Over the past two semesters I have been privileged to work as part of a CSU Art Department graduate student curatorial team. Today is the day all our work comes to fruition! Check it out: SPATIAL FLUX: Contemporary Drawings from the JoAnn Gonzalez Hickey Collection, May 29 - Sept 22, 2018. In this process, we looked through the extensive SYZYGY (syzygy-nyc.org) collection and selected our individual favorites! While there was overlap, it was fun to see the works I personally chose in the show today! Once the show catalog goes online I will provide links here of those particular ones, and a link to the essay my team wrote. I am taking a curation class this coming fall and hope to do more of this exciting work in the future!
HAPPY NEW YEAR! For your viewing pleasure, I have several current and upcoming shows! Currently in the Directions Gallery at Colorado State University: (de)composition. This is a group show with fellow graduate students Melissa Laugen and Carrie Miller. They are bad asses. Also upcoming is the Mississippi State University Department of Art 50th Anniversary Alumni Show! Juror Wesley Stuckey selected my piece Metamorphosis Poem. My friend Kathryn Wiggins is also represented in this show, and I cannot wait to see the rest of the work and find out who else will be there!! I will be at the opening reception April 19th, and am looking forward to enjoying Super Bulldog Weekend!
Also opening February 1st is a graduate student showcase at the Artery here in Fort Collins. More details to follow on this one!
Read more about the show here! To learn about my pieces that won open my SKIN show under the WORK tab in my navigation bar! I will also share a little of the unpublished excerpt from my interview with the paper:
I was awarded 2nd place at the 12x12 Exhibition at the Lawrence Arts Center! So that is fun! And 3 pieces were accepted to the annual Student Art Exhibition in the Curfman Gallery in the LSC. That opening reception is Tuesday, November 14th, 4:30 pm to 6:30 pm and it will be exhibited until Friday, February 2nd.
Currently exhibited in the Morgan Library at Colorado State University and TOMORROW two group shows open!!
12×12. National Juried Exhibition
October 27 @ 8:00 am - December 22 @ 5:00 pm. This juried exhibition celebrates contemporary art by both established and emerging artists. Works on 12″ x 12″ paper include drawing, painting on paper, hand-pulled prints, photography, digital pieces displayed as prints, photographic prints. Selected works will be hung with magnets.
Metamorphosis National Juried Show
National Juried Show: 41 pieces by 39 artists from 17 states were selected from 424 entries.
Juried by Bobbi Walker | Walker Gallery
Opening reception: Friday, October 27, 6 - 9 PM, awarding Best of Show and Honorable Mentions
First Friday Artwalk, November 3rd, 5 - 9 pm
Annex@Core New Art Space Gallery
900 Santa Fe Dr, Denver CO 80204
Gallery hours: Thurs 12 - 6 pm | Fri 12 - 9 pm | Sat 12 - 6 PM | Sun 1 - 4 PM
Currently thinking and researching art that deals with healing and has a delicate/fragile (or perhaps a different word I haven't figured out yet) aesthetic. Louise Bourgeois's fabric pieces are one example: ‘I always had the fear of being separated and abandoned. The sewing is my attempt to keep things together and make things whole’.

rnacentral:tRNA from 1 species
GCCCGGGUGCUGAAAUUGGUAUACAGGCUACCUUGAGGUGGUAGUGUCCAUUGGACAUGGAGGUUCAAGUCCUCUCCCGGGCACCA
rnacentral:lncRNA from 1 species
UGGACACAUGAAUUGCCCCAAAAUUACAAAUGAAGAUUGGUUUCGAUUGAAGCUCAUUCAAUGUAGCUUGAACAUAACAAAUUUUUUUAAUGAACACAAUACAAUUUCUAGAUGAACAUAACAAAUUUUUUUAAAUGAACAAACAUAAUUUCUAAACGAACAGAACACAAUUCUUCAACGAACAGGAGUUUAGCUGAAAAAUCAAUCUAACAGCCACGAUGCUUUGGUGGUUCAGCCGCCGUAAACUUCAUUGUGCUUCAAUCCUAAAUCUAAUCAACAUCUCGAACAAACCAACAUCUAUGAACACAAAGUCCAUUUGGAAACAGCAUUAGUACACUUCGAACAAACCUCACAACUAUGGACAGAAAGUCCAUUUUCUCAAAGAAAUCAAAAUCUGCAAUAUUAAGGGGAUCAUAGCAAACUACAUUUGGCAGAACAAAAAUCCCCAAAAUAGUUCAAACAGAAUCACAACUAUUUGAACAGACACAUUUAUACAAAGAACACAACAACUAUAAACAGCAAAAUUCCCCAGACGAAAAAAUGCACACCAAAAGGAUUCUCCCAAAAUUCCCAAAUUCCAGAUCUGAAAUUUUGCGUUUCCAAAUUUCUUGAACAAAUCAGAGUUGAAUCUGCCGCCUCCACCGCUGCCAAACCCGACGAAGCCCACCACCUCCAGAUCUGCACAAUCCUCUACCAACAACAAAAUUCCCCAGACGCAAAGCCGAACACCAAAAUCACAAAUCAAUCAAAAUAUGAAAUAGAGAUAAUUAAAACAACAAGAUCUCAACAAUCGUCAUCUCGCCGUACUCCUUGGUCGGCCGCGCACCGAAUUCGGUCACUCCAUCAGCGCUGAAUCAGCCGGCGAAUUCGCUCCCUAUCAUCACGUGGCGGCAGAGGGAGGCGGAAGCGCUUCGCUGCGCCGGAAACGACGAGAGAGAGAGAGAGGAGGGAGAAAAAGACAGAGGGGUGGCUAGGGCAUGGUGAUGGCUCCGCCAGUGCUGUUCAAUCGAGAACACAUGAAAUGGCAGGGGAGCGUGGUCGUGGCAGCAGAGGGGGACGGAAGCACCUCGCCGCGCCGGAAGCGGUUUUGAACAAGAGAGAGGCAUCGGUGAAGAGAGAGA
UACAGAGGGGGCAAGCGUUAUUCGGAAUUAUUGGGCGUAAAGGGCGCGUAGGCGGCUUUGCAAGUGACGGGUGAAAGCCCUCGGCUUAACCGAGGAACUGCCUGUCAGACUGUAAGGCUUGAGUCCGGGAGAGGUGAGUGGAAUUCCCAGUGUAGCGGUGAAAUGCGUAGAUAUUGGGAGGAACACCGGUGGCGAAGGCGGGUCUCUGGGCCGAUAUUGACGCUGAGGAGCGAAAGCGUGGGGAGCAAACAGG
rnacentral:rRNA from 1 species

Show updates! SHED is currently up in the Glass Box Gallery in the CSU Art Department until June 28th, open weekdays from 9:00am-4:30pm! If you can't make that come out to a group opening with two of my grad school classmates! It just so happens to be a first Friday that is also my birthday!
http://lsc.colostate.edu/events/2017-student-art-exhibition/ Come out April 11th for the Colorado State University student show and see some of my work!
Just a blurb about an upcoming opening for a group show I am in: https://www.adams.edu/news/jan1709.php.
For one of my graduate courses, I recently gave a presentation on Linda Stillman. I am particularly a fan of her color palette that is developed from fallen petals. Here is a small sampling of my personal favorites of her work. (All images in this post are made by Linda Stillman).
Linda has an eclectic body of work, but I am most drawn to her flower petal as medium pieces. To establish the construct of time in her works she mixes a colorfast version of the flower's hue in paint and uses it to mark the original color before entropy alters the petal's pigments and causes them to slowly fade in to nothing but a memory.
I know I am late to the party but OMG: CONRAD JON GODLY! My obsession with thick chunky oils and my need for snow peaked mountains have been married and I could not love it more. I first spotted him yesterday via The Jealous Curator and y'all, I think my heart skipped several beats. I have been shamelessly googling him, basically nonstop, ever since.
Quotes for thought:
“The ache for home lives in all of us. The safe place where we can go as we are and not be questioned.”
– Maya Angelou, All God's Children Need Traveling Shoes
“People often believed they were safer in the light, thinking monsters only came out at night. But safety – like light – is a façade.”